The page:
Passive Transport: Definition, Characteristic, and Examples

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Passive Transport Definition

An instance of passive transport in action. A channel protein transports water-soluble compounds along the concentration gradient across the membrane (an example of facilitated diffusion). Fat-soluble compounds pass through the lipid bilayer membrane with ease (an example of unassisted diffusion).

Passive transport is a method of transporting substances from a high-concentration to a low-concentration region. As a result, chemicals travel in a concentration gradient.

What is Passive Transport?

Passive transport refers to the movement of things such as ions and molecules along concentration gradients. It indicates that the drug prefers to migrate from a high-concentration location to a low-concentration area. Substances gravitate to areas where there are fewer of them.

Passive Transport, What is Passive Transport, Passive Transport Definition, Passive Transport vs Active Transport,

Active transport, another kind of cellular transport that fundamentally requires ATP to move substances against their concentration gradient, does not require metabolic energy (e.g. ATP) since its movement is downhill or along its concentration gradient. Simple diffusion, assisted diffusion, filtration, and osmosis are the four primary forms of passive transport.

Passive Transport vs Active Transport

Passive and active transport are two types of cellular transport processes that a cell uses to transfer things across a biological membrane. Passive transport, on the other hand, differs from active transport in that the chemicals travel in the direction of their respective concentration gradients, whereas active transport moves substances against their gradients. In passive transport, substances travel in the opposite direction as they do in active transport.

In passive transport, the concentration is transferred from one location to another with a lower concentration. The direction of travel is described as downward. As a result, unlike active transport, cellular energy (e.g. ATP) is not required. Passive transportation, on the other hand, is propelled by kinetic and natural energy. Active transportation, on the other hand, moves people uphill, from a less densely populated region to one where it is already densely populated. As a result, ATP is commonly used as the driving force in the process.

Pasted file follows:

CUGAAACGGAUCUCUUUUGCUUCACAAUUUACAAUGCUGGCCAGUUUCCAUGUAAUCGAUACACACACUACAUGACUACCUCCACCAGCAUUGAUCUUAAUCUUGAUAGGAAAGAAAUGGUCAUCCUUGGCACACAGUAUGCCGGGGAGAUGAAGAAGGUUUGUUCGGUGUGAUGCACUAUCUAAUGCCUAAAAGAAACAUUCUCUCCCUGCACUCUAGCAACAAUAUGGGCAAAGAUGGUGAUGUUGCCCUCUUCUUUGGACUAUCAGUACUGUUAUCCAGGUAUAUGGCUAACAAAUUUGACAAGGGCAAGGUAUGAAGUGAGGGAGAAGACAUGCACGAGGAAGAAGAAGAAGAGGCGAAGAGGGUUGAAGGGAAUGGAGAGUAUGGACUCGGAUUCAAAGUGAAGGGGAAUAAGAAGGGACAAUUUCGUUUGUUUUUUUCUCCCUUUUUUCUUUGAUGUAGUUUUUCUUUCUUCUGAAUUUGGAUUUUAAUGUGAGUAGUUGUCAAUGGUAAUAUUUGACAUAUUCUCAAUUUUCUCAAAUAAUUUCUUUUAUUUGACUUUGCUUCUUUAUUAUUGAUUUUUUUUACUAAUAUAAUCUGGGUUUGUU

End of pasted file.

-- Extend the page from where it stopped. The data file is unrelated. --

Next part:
Types of Passive Transport

Passive transport may or may not require the aid of a membrane protein when transporting molecules across a biological membrane.

(1) simple diffusion,

(2) assisted diffusion,

(3) filtration, and

(4) osmosis are the four primary forms of passive transport.

The net migration of molecules from higher to lower concentrations is referred to as simple and assisted diffusion. The migration of a solvent (typically water molecules) from lower to higher solute concentrations via a semipermeable membrane is referred to as osmosis. Filtration is the process of moving water and solute molecules across a cell membrane, which is aided by the circulatory system’s hydrostatic pressure.

Passive Transport Examples

Plants and animals require passive transport in order to operate properly. Gases such as carbon dioxide and oxygen, for example, diffuse into and out of plant cells through stomatal openings based on concentration gradients. Plants require carbon dioxide because it is one of the primary reactants in photosynthesis. Animals that emit carbon dioxide during expiration are one of the sources of the gas. Passive transport is responsible for the emission of carbon dioxide into the atmosphere.

Carbon dioxide diffusion occurs between the blood and the tissue fluid, in particular at the capillary beds. It travels from the tissues to the blood, then to the lungs, where it diffuses from the blood into the alveoli before being exhaled. As carbon dioxide leaves the body, oxygen enters the lungs and is delivered into the body’s tissues by simple diffusion.

Passive Transport Citations


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